With the ‘Traveling Virtual Pet Game System’ (U.S. Patent Application 20110070935), inventor Damon R. Beggs hopes to bring the perpetual successes of the virtual pet into the 21st century, allowing it to travel the world (and beyond) all while in the palm of your hand.
Early last year, we shared with you news of a patent from Disney Enterprises which, in part, calls for being able to use cameras combined with software to detect a guest and identify certain features while also being able to combine dynamically generated images with projected or reflected images of the guests themselves.
Then, we were led to believe that this technology would first be seen as part of a new meet and greet experience at Pixie Hollow in the New Fantasyland. With those plans seemingly out the window, we now focus our attention to the Haunted Mansion at the Magic Kingdom which has very openly been making some unknown changes to the hitchhiking ghosts scene at the end.
On Friday, March 11, the American Foundation for the Blind will recognize and award Walt Disney Parks and Resorts for its innovative Assistive Technology Device which debuted in summer 2010 at its annual ceremony in Seattle. Along with Disney, CBS Television, Lexmark International and Accessible Twitter will also be recognized by the non-profit group.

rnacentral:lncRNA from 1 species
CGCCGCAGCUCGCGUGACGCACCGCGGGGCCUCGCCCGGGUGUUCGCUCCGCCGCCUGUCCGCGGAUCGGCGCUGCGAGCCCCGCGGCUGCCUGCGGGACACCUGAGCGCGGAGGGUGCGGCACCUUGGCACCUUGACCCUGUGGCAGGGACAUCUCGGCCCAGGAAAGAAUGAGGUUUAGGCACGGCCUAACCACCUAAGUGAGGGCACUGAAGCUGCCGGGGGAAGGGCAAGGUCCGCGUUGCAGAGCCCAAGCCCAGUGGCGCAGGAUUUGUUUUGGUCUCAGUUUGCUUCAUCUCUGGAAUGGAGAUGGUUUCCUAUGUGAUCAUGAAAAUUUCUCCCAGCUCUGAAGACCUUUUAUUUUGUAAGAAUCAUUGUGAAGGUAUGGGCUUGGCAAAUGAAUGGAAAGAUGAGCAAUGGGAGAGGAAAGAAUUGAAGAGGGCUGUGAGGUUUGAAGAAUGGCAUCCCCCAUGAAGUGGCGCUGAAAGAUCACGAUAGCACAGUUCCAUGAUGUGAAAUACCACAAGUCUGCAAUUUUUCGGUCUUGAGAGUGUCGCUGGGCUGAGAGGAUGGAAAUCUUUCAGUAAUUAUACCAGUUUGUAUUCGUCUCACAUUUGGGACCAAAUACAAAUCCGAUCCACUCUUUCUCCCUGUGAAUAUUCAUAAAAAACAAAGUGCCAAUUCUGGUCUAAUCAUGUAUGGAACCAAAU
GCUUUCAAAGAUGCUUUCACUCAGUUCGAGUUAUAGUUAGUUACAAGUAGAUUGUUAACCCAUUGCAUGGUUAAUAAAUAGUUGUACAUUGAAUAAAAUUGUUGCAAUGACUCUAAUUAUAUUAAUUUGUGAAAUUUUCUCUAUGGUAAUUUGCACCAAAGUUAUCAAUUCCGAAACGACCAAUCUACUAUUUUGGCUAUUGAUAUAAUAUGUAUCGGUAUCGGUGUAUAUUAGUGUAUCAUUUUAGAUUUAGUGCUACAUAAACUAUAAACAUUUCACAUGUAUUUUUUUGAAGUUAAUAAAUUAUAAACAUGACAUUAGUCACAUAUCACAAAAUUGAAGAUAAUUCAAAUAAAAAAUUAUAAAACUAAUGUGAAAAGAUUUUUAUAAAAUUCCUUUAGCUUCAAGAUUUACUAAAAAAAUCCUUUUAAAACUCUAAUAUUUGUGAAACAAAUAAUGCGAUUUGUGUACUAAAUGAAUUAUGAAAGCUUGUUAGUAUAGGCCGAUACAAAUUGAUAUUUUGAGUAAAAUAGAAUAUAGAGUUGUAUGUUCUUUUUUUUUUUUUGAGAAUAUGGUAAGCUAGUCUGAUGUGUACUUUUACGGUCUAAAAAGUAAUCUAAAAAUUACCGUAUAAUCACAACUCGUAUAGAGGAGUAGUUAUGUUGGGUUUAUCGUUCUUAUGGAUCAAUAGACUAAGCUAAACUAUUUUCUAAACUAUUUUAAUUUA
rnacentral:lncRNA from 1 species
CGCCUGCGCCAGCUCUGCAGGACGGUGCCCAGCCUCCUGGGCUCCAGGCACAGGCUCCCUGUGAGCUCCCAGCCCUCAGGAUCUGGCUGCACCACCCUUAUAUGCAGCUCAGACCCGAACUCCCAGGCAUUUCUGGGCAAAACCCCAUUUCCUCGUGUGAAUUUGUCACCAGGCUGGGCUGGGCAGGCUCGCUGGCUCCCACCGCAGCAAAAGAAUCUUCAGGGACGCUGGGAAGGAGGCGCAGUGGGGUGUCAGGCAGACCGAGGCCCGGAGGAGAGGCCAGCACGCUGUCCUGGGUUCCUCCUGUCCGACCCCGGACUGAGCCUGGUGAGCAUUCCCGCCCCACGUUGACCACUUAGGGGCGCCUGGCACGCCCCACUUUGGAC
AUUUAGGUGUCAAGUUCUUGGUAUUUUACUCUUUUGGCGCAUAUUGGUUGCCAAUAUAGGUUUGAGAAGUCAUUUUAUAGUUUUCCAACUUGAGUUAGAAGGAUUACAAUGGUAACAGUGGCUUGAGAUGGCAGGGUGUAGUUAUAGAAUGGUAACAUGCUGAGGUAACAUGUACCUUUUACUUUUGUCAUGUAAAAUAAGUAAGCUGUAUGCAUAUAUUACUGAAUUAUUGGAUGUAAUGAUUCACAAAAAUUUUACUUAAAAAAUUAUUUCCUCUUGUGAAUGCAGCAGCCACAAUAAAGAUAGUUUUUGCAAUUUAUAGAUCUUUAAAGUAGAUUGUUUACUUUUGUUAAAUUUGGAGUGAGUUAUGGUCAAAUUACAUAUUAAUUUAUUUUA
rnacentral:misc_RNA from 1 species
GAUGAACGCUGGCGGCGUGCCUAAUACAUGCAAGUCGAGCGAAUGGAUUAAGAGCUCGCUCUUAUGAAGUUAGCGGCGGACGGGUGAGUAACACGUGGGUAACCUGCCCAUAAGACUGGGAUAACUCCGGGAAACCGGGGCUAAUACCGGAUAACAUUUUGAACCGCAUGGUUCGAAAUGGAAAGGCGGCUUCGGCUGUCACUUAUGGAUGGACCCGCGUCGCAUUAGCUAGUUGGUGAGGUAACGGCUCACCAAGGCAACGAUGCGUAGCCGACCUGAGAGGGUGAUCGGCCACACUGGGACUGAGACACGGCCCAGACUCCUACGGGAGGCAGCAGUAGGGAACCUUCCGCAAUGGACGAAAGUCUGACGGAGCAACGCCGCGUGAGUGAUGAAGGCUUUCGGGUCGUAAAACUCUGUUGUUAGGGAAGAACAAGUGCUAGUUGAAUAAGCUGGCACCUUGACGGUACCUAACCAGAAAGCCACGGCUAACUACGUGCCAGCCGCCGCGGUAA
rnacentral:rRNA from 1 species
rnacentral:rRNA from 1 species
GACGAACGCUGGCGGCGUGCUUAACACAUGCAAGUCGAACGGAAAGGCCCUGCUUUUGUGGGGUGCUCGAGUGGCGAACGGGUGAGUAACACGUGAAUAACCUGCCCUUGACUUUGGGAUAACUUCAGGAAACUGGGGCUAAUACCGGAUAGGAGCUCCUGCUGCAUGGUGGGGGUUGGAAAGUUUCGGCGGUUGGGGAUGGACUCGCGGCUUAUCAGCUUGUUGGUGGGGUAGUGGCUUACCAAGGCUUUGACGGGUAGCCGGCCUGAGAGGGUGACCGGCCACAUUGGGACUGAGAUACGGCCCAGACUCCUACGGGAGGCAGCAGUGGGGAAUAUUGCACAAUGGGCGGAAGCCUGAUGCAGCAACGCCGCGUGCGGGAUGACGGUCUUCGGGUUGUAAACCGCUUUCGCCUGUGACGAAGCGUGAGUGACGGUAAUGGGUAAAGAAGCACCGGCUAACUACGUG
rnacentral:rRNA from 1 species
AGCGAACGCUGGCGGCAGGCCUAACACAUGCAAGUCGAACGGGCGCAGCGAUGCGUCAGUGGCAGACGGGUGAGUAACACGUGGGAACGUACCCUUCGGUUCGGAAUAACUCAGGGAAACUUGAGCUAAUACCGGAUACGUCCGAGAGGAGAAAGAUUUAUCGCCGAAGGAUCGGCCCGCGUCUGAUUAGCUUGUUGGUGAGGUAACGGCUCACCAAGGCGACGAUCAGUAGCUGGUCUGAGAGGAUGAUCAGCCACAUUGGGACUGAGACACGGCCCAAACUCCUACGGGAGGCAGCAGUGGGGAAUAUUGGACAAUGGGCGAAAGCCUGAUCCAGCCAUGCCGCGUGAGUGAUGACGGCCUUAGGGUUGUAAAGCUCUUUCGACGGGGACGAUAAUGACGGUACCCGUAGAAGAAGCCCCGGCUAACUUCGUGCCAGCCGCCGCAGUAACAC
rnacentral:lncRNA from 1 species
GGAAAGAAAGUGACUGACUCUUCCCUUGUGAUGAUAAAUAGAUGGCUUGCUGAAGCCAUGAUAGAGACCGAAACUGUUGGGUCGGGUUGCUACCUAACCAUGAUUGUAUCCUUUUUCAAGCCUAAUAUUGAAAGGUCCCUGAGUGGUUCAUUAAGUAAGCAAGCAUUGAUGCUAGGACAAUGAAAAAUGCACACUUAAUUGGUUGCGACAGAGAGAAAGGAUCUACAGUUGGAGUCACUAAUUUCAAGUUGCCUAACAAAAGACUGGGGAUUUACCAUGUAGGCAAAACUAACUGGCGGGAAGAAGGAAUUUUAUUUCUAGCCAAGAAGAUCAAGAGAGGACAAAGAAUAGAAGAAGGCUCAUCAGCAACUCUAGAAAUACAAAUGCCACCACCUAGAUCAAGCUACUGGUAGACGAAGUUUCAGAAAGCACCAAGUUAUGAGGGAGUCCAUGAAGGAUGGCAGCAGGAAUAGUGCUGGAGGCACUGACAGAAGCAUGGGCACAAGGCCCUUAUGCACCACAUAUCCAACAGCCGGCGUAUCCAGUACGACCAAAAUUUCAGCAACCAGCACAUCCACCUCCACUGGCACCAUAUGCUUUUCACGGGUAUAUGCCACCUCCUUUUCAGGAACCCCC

“Too often, swift advances in technology bring the rewards of convenience and entertainment to an eager world while inadvertently leaving those who are visually impaired behind,” says AFB president and CEO, Carl R. Augusto. “Each of this year’s Access Award winners displayed a real commitment to making sure their products and services are equally accessible to everyone. And with the growing number of people with vision loss, focusing on accessibility is not only the right thing to do, it’s also a savvy business decision.”
ESPN has launched its ScoreCenter application, popular on devices like the iPhone and iPad, to Internet-enabled televisions. ScoreCenter will first be available on Samsung Internet-enabled TVs via the Samsung Apps store, the world’s first HDTV-based application store.
The application provides fans with the ability to view scores and stats from a variety of sports with a touch of a button. Scoreboards and live game details can expand to include in-game stats, scores and schedules. Personalization features allow fans to customize their ScoreCenter experience by highlighting their favorite teams and leagues. Fans can also position the application to suit their preference, including across the top, bottom or sides of the screen. The video image adjusts accordingly, depending on the placement of the app.